In 2007 the Michigan Medical Acupuncture Association working with Senator Wayne Kuiper's drafted a letter to then Michigan Attorney General Mike Cox that contained a series of questions that pertained to the practice of acupuncture and specifically the issue of physician delegation and supervision of acupuncturists and acupuncture technicians (anyone practicing needle acupuncture in Michigan).
On September 27th, 2007 the MMAA received a response letter (addressed to Senator Wayne Kuipers) from the Attorney General's office that outlined and clarified several issues pertaining to the practice of needle acupuncture in Michigan. The MMAA has provided this information and the practice requirements outlined in this AG letter to its membership along with the strong recommendation that anyone practicing needle acupuncture in Michigan adhere to the well-defined and specific requirements cited in the AG's letter.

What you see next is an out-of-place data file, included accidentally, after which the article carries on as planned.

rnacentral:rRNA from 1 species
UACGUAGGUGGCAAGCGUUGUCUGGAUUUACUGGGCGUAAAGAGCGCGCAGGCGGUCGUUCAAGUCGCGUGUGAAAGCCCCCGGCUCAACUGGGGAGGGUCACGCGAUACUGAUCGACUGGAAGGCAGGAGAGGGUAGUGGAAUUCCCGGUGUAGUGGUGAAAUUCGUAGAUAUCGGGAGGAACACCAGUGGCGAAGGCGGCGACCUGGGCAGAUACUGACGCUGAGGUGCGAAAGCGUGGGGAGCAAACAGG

In this letter the Attorney General indicates that needle acupuncture is the practice of Medicine as is defined by the Michigan Public Health Act, and that the practice of needle acupuncture by non-physicians requires physician delegation and supervision. The elements that constitute valid physician delegation and supervision are defined in the AG's letter to Senator Kuipers.
The MMAA continues to require, as a part of its code of professional ethics, that its members strictly conform to Michigan law and that they acquire medical delegation through a written, digital, or well documented verbal prescription or physicians order to perform acupuncture. Such documentation must be provided for ALL patients that receive needle acupuncture and this documentation must be maintained as part of the patient's medical record. What follows is an excerpt from the Michigan Public Health Code, Section 16215 of the Public Health Code which provides, in relevant part: